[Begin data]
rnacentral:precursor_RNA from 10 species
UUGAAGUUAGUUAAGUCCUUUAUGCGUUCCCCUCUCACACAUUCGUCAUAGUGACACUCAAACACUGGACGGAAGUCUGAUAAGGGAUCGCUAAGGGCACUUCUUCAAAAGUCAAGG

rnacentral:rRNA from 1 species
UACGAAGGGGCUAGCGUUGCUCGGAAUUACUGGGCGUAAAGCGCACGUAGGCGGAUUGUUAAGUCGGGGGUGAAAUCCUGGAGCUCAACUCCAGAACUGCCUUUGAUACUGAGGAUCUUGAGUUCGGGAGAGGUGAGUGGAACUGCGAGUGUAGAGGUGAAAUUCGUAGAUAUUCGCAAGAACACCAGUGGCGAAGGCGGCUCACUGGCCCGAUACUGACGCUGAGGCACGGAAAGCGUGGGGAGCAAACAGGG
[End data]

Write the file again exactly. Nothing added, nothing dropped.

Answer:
rnacentral:precursor_RNA from 10 species
UUGAAGUUAGUUAAGUCCUUUAUGCGUUCCCCUCUCACACAUUCGUCAUAGUGACACUCAAACACUGGACGGAAGUCUGAUAAGGGAUCGCUAAGGGCACUUCUUCAAAAGUCAAGG

rnacentral:rRNA from 1 species
UACGAAGGGGCUAGCGUUGCUCGGAAUUACUGGGCGUAAAGCGCACGUAGGCGGAUUGUUAAGUCGGGGGUGAAAUCCUGGAGCUCAACUCCAGAACUGCCUUUGAUACUGAGGAUCUUGAGUUCGGGAGAGGUGAGUGGAACUGCGAGUGUAGAGGUGAAAUUCGUAGAUAUUCGCAAGAACACCAGUGGCGAAGGCGGCUCACUGGCCCGAUACUGACGCUGAGGCACGGAAAGCGUGGGGAGCAAACAGGG